And here is the real kicker, the stakeholders are just a part of the fabric of our work, they are not in and of themselves that important. It is the work that matters and the work is business technology strategy (and execution). The article after this will be a Systematic Stakeholder Approach – so don’t worry I’m not trying to alienate the very people we work with hand in hand to deliver value.
So Why is this so Important?
Business technology strategy is about achieving something measurable which is beneficial to the primary value proposition of an organization to its beneficiaries. I say beneficiaries instead of customers to also include the governments, armies, and non-profits of the world who use mission models instead of business models.
But BTS has a life of its own, in exactly the same way that finance and marketing do. Think about it, many companies make as much money from having money than they do on their product. I have 100 million dollars… I sell 10 million dollars in product sales (which also costs me money leading to an even smaller profit margin) but I make 10 million in the stock market on my 100 million dollars which may or may not be taxed.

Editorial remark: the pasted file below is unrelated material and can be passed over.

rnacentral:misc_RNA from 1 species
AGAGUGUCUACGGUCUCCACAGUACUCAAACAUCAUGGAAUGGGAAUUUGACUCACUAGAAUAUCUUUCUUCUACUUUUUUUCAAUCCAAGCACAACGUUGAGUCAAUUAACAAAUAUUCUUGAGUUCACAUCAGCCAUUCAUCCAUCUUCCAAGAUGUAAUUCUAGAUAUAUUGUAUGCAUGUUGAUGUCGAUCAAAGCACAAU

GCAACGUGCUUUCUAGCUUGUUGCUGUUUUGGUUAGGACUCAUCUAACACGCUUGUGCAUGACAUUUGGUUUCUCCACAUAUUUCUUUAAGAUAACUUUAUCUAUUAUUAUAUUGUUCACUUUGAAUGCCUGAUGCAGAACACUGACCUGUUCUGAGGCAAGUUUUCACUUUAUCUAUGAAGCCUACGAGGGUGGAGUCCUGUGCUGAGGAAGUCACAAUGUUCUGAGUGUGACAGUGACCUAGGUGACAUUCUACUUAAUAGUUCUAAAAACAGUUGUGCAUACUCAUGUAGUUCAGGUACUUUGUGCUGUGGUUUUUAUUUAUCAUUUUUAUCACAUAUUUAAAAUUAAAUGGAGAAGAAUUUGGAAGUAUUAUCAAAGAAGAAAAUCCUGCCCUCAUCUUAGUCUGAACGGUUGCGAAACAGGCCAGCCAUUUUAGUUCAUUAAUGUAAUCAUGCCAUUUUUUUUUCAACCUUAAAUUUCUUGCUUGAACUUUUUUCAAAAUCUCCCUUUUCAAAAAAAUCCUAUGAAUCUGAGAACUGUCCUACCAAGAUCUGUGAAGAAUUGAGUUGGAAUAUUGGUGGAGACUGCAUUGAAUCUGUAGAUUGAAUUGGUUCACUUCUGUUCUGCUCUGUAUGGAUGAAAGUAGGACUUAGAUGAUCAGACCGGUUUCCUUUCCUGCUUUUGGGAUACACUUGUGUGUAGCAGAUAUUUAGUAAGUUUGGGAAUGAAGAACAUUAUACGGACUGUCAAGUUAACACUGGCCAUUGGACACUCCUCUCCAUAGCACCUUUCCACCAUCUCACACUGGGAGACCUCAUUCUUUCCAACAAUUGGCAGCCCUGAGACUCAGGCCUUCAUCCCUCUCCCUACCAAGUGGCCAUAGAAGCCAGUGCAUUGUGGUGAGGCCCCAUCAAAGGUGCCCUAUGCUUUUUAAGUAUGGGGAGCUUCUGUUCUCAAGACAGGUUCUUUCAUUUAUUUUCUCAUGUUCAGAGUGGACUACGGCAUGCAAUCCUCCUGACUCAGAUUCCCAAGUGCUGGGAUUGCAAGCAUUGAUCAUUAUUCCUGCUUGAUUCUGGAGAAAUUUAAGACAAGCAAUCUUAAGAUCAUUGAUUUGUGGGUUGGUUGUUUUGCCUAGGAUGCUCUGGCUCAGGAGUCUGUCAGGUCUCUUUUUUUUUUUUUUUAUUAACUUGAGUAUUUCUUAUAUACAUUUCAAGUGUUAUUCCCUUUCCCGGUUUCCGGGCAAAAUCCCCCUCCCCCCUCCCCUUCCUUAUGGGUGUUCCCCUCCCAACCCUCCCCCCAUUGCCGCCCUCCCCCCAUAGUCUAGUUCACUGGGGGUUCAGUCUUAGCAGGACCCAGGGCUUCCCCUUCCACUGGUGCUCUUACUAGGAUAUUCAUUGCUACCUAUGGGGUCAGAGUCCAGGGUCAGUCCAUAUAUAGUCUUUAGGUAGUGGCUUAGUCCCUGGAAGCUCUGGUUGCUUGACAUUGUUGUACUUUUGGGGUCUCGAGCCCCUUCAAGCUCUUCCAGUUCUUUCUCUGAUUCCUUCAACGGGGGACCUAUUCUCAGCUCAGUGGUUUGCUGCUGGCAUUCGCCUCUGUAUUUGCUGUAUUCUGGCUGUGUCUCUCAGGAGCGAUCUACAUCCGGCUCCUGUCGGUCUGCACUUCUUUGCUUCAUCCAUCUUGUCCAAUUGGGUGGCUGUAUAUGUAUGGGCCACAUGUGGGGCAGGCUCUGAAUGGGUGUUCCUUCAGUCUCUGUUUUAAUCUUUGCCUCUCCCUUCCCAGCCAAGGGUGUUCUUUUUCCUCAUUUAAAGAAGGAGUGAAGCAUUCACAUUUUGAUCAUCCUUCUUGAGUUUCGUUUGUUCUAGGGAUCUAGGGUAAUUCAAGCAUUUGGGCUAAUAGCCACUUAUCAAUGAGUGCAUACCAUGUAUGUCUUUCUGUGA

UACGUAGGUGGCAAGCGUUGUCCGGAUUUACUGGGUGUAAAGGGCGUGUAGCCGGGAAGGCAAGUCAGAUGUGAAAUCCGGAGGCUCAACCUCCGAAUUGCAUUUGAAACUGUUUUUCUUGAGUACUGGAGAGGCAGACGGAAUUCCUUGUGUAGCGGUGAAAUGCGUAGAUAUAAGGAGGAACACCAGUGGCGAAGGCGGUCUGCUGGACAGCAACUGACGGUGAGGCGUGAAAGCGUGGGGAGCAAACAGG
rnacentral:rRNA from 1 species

Welcome to business 101 or business fundamentals as we call the first competency of BTS. Operations, HR, Finance, Marketing, Sales, MBA stuff.
But that is really just the beginning. What if I am able to redefine my marketplace because of technology? For example, I used to work for Dell. Dell only sold computers online. All fine and good except one thing. They took your money BEFORE they built your computer or even bought the parts. Excellent, great… but think about that. I have 1000s of customers’ dollars to invest in the market, and I haven’t spent a dime. Now of course we DO have to spend your money but, see, we have this unbelievably powerful supply-chain technology and manufacturing technology that allow us to do so at the very last minute. And when you are talking about billions of dollars of income, even a day can be worth millions. Now that is business technology strategy.